FOXBOROUGH, Mass. -- The way Revolution coach Jay Heaps sees it, his team’s recent defensive woes aren’t just confined to the back line.
Despite conceding the fewest goals in the league at the midway point of the season (14 through the first 17 games), the Revolution haven’t been nearly as sharp in recent weeks (eight goals allowed in their last three), with Saturday’s 3-2 loss at Chicago serving as the latest reminder of that.
“Put it this way: all 11 players were in a position to make plays on, quite frankly, all three goals,” Heaps said. “So we need to make plays -- not just center backs or outside backs. Forwards need to defend, midfielders and keepers (too), so there are 11 guys on the field that can make a play.”
Heaps isn’t alone in that belief, either. Revolution center back Jose Goncalves also believes that the Revolution, as a group, must to make it more difficult for the opposition to find the back of the net.
“It’s team defending and team attacking,” Goncalves said. “I cannot (name) names and say he defends very badly. We were losing balls (in Chicago) and we have to get faster back behind the ball and we didn’t (then). From the first striker to the goalkeeper, we have to watch our back and protect every teammate so that’s the work everyone has to do.”
Heaps admits that the recent changes in the rear -- specifically at center back and goalkeeper -- haven’t gone as smoothly as anticipated, but hopes that the situation is temporary.
“I think we’re starting to get to the point now where we need to find that chemistry again,” Heaps said. “I think that’s what we were doing so well (earlier this season).”
WHAT SOPHOMORE SLUMP?
While the Revolution try to figure out ways to strengthen itself defensively, the offense has picked up some of the slack, thanks in part to the efforts of sophomore midfielder Kelyn Rowe.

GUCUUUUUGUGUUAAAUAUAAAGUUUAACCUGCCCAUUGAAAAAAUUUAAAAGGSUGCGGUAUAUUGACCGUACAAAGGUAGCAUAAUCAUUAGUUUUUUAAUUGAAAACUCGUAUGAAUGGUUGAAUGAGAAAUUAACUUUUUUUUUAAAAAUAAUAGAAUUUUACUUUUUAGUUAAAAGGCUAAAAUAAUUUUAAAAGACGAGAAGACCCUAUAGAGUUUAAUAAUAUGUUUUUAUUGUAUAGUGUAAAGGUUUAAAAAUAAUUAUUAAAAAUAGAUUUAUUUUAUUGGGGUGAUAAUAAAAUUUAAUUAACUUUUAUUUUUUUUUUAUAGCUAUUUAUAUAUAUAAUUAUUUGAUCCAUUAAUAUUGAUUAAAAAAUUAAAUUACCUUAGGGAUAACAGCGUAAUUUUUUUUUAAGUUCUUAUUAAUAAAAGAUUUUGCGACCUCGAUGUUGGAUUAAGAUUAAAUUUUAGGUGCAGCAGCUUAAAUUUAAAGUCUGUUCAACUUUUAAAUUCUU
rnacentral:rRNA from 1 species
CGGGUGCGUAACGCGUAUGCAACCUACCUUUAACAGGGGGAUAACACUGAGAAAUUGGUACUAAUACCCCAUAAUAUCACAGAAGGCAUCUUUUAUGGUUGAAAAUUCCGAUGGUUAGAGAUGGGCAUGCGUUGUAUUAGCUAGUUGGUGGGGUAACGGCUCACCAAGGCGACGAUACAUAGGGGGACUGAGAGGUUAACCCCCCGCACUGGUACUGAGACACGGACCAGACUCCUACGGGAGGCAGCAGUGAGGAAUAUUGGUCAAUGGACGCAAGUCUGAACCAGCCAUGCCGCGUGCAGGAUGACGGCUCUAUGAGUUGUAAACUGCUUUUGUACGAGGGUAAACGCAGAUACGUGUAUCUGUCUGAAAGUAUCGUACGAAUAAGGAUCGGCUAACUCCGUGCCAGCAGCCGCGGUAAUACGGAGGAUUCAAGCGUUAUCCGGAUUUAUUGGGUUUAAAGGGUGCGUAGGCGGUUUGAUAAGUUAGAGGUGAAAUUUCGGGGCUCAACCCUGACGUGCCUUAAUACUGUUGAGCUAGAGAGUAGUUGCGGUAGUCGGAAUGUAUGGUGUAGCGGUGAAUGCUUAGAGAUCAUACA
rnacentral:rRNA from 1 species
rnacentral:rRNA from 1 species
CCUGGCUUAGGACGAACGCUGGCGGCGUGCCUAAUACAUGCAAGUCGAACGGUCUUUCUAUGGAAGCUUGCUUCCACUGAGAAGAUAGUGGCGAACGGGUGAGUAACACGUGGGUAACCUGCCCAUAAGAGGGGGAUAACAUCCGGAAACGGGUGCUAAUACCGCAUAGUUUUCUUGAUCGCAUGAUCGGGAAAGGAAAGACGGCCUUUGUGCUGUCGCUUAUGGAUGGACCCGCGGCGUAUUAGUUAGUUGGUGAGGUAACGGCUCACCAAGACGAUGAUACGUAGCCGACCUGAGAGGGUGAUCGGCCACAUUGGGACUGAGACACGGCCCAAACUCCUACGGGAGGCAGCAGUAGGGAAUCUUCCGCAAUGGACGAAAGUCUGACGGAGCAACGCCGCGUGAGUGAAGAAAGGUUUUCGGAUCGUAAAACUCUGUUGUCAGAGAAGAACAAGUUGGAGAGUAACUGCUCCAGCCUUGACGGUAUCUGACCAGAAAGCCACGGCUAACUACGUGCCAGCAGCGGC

In his last five, Rowe’s collected five goals and an assist, along with Player of the Week honors following his two-goal performance against the Fire on August 30.
So what’s been the difference between his rookie and sophomore season?
“I think it has a lot (to do with) not hitting that (rookie) wall,” Rowe said. “I’ve taken care of my body a lot more and not going full-blow every day, as hard as I can, in practice so I can have the legs in the game, as well as the confidence.”
Heaps, who along with General Manager Michael Burns, scouted and drafted Rowe with the third overall pick in last year’s SuperDraft, said he hasn’t been surprised by the success achieved by his second-year midfielder.
“This is the Kelyn Rowe that we see most times in training,” Heaps said. “I think you’re seeing the glimpses in games, and those finishes, for me, are all (a) bonus. And this is just the beginning of who we think Kelyn Rowe is going to be.”
NEW KID ON THE BLOCK
It’s not always easy for a player to join a new team late in the season, but that’s the challenge posed to newcomer O’Brian Woodbine, who signed with the Revolution earlier this month.
Even though the Jamaican International would like nothing more than to become a major part of the team’s playoff push, Woodbine is realistic about his chances of cracking the lineup, especially as it tries to rediscover its early-season form.
“It’s going to be difficult to jump into the starting team,” Woodbine said. “But I’ll just work my way through the process because it’s going to take time.”